• The use of data and digital technologies is also a focus which aims to enable clinicians to more accurately target prevention and treatment. Enhanced use of technology has the potential to free up clinician time, such as by monitoring people at home through an app, which allows more people to receive treatment and reduces waiting lists for service users.
  • Fund two pilot sites in Birmingham (University of Birmingham) and Liverpool (University of Liverpool and Mersey Care NHS Foundation Trust). They will work closely with industry to boost research and encourage investment. These sites will develop novel ways of working which can be rolled out to other sites in the future.
  • Eliminate barriers for industry to deliver ground-breaking new treatments to people with mental health conditions faster.

CEO of NIHR and Chief Scientific Advisor Professor Lucy Chappel said:

“Mental ill health affects many people. This investment in the Mental Health Mission aims to deliver a truly exciting range of innovative therapies and technologies that could greatly improve people’s lives.

“For example, the development of wellbeing apps, games and services to diagnose child mental health problems early could provide valuable new methods of treatment.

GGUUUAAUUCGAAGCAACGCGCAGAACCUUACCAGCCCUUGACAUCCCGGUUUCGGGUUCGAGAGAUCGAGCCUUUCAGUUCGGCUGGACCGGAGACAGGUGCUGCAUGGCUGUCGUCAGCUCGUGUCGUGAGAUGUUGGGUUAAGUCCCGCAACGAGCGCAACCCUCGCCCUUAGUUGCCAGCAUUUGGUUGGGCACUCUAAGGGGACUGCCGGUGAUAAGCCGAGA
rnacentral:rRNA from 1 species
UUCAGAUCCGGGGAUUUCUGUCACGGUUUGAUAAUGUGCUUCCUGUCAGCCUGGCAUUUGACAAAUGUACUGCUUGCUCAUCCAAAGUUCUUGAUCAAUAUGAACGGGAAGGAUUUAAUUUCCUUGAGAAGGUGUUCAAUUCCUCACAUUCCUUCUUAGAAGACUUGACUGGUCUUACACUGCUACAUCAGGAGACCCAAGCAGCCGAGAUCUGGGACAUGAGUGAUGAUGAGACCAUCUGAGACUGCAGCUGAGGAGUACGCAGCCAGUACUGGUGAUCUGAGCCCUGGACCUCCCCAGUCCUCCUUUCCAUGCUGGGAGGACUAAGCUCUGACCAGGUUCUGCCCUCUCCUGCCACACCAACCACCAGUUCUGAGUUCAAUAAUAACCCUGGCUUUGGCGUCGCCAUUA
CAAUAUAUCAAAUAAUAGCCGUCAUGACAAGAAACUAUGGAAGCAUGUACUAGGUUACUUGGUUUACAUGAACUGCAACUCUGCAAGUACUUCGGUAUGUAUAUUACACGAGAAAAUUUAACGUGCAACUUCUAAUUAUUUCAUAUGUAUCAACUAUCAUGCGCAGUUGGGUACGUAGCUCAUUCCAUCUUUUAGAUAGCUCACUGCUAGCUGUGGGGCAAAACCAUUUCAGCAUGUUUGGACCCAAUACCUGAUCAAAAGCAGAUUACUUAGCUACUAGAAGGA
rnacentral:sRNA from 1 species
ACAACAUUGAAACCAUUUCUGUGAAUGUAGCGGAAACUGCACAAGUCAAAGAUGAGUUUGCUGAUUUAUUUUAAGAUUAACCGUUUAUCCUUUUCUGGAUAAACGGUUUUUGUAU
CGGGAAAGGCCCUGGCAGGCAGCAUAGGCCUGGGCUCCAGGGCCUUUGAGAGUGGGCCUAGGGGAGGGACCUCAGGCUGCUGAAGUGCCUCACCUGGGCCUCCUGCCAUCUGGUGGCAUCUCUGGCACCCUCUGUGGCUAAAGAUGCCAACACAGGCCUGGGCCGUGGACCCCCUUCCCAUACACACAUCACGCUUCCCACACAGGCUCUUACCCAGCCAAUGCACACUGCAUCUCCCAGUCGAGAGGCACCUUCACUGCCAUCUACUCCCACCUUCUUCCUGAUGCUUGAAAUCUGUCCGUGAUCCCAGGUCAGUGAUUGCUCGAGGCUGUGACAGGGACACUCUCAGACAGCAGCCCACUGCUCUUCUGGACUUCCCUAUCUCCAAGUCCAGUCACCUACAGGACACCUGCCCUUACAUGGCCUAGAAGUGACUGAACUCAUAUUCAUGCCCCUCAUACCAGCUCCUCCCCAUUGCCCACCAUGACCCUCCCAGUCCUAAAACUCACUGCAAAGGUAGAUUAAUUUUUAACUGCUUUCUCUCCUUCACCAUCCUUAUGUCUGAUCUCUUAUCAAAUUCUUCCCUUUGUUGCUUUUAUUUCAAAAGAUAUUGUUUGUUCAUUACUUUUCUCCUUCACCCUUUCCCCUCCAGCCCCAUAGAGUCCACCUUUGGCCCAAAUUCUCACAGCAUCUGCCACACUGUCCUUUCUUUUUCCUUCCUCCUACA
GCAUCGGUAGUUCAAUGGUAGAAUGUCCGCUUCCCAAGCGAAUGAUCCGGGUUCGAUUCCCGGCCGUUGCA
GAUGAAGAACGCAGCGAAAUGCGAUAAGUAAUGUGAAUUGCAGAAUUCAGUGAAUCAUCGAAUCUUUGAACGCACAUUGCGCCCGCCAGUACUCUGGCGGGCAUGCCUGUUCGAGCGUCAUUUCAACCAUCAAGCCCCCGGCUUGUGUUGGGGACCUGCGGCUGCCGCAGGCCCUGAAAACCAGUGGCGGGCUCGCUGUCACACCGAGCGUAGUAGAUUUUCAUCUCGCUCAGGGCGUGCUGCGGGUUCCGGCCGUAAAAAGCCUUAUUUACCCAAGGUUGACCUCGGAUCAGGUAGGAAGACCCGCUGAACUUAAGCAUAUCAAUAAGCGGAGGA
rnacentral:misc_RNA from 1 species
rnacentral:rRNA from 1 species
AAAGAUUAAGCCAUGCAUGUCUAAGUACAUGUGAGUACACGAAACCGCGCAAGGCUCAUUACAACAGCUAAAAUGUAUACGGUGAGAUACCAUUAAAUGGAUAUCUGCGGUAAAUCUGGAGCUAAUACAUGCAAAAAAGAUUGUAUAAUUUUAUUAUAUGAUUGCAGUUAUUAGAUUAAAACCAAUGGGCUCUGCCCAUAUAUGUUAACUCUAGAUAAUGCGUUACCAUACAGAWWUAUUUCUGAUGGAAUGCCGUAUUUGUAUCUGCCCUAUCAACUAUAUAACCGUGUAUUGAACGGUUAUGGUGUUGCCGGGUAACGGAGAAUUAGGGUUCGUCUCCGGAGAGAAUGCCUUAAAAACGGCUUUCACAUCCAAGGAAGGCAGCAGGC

“And in the true spirit of collaboration, the work has intentionally been spread across the country so that more people are able to participate in world-leading mental health research than ever before.”

Oxford University visiting Professor Husseini Manji will be co-chair of the Mental Health Mission alongside Professor of Psychological Medicine at the University of Manchester Kathryn Abel, added:

“We are delighted to be working together to make the new Mental Health Mission a truly revolutionary force behind mental health research. We want the Mission to create tangible differences to the lives of patients, both in the UK and internationally. Between us, we bring a wealth of experience in mental health research and innovation, and a commitment to genuine collaboration with patients, industry and healthcare staff.

“Bringing together the public sector, patients and industry as equal partners, the Mission will work with the Office for Life Sciences and the National Institute for Health and Care Research to support the NHS and NIHR to capitalise on its size and scope, and on the depth of its data resources. Alongside additional investment in mental health research and infrastructure, the Mission will foster a step change in the way we think about mental health, mental illness and its treatment. This will support development of the critically needed treatments across the spectrum of mental illness.

“We want the UK to be the most attractive place to conduct robust, high impact mental health research, ensuring people have access to the best, and newest, treatments. We are confident that the Mission will be unique in its ability to convene and challenge national partners to make this happen.”